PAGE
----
Capturing warming effects on rice phenology is vital for obtaining reliable assessments of climate change impacts on global rice production. A number of studies have simulated declining rice production due to temperature increase associated with climate change1,2,3. Such yield losses are primarily attributed to changes in phenology. In particular, rising mean daily temperatures from emergence to maturity, i.e. growing season temperature (GST), shortens the vegetative growth4 and grain-filling3 stages and abridges the duration of vital physiological processes, such as light interception and photosynthesis5. Consequently, such processes significantly contribute to simulated yield declines in climate change-crop model studies6.

Two recent rice model inter-comparison studies7,8 showed that rice simulation models predicted both prolonged and shortened growth duration when models were applied to 3–6 °C warmer climate. Such contrasting results indicate uncertainty between model projections and fail to inform what models to use for climate impact studies. Although some degrees of model bias are always occurred, meaningful model prediction requires that model biases do not significantly depart or amplify when applied to warmer climates. Otherwise, unknown bias of model prediction might result in unreliable phenology and yield model projections under warmer climates.

However, maintaining the accuracy of rice phenology simulation has been proven a challenging task9. For example, using the ORYZA2000 model10, Zhang et al.11 found that with increasing GST, the simulated growth duration for one rice cultivar gradually departed from the observed despite a satisfactory calibration with the first three years of a 21-year record. By extending the study11 and including more observations, van Oort et al.12 were able to reproduce observed flowering dates, while the bias still increased progressively for the simulated maturity date, despite using all data for model calibration that requires further validation using independent dataset.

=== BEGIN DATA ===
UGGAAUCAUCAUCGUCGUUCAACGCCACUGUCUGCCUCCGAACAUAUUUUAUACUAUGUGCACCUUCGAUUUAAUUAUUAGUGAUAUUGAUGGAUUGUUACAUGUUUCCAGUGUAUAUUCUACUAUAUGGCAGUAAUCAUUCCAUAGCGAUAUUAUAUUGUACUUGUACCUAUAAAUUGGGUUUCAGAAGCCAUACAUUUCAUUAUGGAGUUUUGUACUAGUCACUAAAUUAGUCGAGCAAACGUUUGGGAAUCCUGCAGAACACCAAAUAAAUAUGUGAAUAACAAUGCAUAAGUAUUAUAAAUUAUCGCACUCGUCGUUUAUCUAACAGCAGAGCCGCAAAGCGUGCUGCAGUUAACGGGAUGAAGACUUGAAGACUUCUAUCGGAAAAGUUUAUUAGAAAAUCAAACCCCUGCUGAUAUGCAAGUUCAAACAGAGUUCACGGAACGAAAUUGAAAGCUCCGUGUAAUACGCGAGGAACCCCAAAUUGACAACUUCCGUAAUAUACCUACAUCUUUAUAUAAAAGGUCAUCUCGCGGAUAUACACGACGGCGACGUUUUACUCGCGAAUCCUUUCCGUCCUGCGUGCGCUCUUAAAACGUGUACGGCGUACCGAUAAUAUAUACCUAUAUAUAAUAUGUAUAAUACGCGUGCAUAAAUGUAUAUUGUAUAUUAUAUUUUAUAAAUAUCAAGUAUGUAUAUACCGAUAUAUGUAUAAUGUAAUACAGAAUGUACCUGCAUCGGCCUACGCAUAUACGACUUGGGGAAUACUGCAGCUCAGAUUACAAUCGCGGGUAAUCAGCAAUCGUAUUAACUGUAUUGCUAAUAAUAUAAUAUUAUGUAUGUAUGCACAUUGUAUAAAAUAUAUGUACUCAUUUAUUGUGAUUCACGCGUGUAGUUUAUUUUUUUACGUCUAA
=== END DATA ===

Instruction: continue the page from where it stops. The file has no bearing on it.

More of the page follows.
To our knowledge, there is no comprehensive assessment of the simulated bias in rice phenology models applied to warmer climates. Modelling experiments often assume no change in cultivar under future climate scenarios1,2,3, as the parameterization is considered cultivar-specific13 in most rice simulation models, e.g. ORYZA200010. Excluding the potential influence of cultivar on the phenology simulation bias requires a substantial number of field observations for each cultivar under a wide range of GSTs to enable the resulting difference between the calibration with lower GST and validation with higher GST indicate the accuracy of the phenology model.

The objectives of this study were to (i) evaluate the bias of four phenology models with increasing GST; (ii) quantify the influence of phenology bias on yield simulations; and (iii) identify possible explanations for model bias.


Model calibration in lower GST

To cover the 2–7 °C temperature changes projected by 2100s in the major global rice-growing regions14, we collected data for 19 rice cultivars from 775 trials in 86 sites in 5 Asian countries for the period 1981–2009 (Fig. 1), where each cultivar includes between 14 and 260 trials that cover a GST range of 2.2–8.2 °C (Table 1). Here, a combination of cultivar, site and year is referred to as a single trial.

Figure 1: Locations of rice trial sites included in the study.
figure 1

The map was generated with licensed ArcGIS 10.2 using the map of Asia.

Table 1 The genotype, DAE to flowering and maturity coefficient of variation (CV) and the range of GST of 19 cultivars used in the study.